Telecommunications is an industry sector that includes companies that transmit data in words, voice, audio, or video around the world. It includes:
- Wired networks that provide landline phones, cable TV, and internet to homes and businesses.
- Wireless service providers that supply phone, internet, and other data through signals from radio tower networks directly to customers’ mobile devices.
- Satellite communications technology that takes pictures of the earth and transmits other data.
- Radar and radio communication networks, which aid in the navigation of trucks, boats, and planes, among other applications.
Quick facts about the telecommunications industry
Overall decline in jobs. As technology has boosted productivity and services have become more efficient, fewer workers are needed in this sector. A loss of nearly 100,000 jobs– about 20 percent of the industry–is expected in the next decade.
Strong rural need. Despite an overall employment decline, growth is anticipated in rural areas, as only one-fifth of rural Americans have access to broadband networks.
Above average salaries. Many jobs in this sector pay more than the national average.
Government oversight. Although telecommunications jobs are almost exclusively in the private sector, companies are regulated by the Federal Communications Commission, or FCC.
Would a career in telecommunications be a good fit me?
Do you enjoy technical work? Love working with your hands and your mind to solve complex problems? Then a career in the Telecommunications industry may be for you. Here are some points to keep in mind:
- Many telecommunications careers require an unusual mix of aptitude for technology and technical problem solving along with providing friendly customer service.
- Adaptability and willingness to learn new skills and technologies are essential for telecommunications workers.
- Careers in the telecommunications industry can involve working in customers’ homes, tight and sometimes dirty crawl spaces, high-up on towers or poles, as well as in switch rooms and offices.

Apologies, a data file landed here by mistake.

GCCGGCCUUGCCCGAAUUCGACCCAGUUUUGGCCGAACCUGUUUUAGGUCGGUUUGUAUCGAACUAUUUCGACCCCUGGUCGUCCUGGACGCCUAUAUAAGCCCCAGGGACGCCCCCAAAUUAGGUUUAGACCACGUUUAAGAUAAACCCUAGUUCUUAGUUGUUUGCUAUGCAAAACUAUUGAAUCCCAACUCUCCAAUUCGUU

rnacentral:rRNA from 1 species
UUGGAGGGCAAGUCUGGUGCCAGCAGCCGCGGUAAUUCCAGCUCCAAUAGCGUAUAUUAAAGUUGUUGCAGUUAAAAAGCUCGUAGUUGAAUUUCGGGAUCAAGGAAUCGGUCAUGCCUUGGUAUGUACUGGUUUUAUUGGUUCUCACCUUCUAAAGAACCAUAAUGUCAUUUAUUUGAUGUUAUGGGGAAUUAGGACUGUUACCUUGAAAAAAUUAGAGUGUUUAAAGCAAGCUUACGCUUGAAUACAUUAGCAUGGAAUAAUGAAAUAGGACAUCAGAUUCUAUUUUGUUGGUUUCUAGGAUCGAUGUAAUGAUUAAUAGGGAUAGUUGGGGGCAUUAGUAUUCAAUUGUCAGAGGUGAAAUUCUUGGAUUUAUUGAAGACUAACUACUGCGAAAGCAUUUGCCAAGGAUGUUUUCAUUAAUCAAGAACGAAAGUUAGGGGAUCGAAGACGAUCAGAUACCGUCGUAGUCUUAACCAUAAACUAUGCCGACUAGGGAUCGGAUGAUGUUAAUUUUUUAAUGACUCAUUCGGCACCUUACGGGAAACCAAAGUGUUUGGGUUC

- Changing technologies have created more efficient ways to deliver cable, wireless, and internet to homes and businesses—driving down job growth.
What are some careers in telecommunications?
There is a wide variety of careers in telecommunications. People who work in telecommunications careers design service networks, install and maintain equipment, and sell services to customers. They ensure the delivery of text, voice, audio, and video throughout the infrastructure of service networks.
Most jobs in this field require some form of technical training—that might be through an apprenticeship, or by earning an associate’s or bachelor’s degree. See some examples of careers in telecommunications below.
Careers that generally require a high school diploma or post-secondary certificate:
- Telecommunication technicians
- Broadband technicians
- Central office technicians
- Cable splicers, linemen, and cable technicians
Careers that generally require a certificate or associate’s or bachelor’s degree:
- Telecommunications engineers
- Network managers
- Registered communications distribution designers
Apprenticeships,which combine on-the-job training with paid employment, are a great way to enter a career. Apprenticeships may be available for several telecommunications occupations including telecommunications tower technicians, wireless technicians, telecommunications antenna and line forepersons, and fiber optic technicians. Learn more about apprenticeships.
Want to learn more? Watch videos about careers in telecommunications and other industry and career clusters.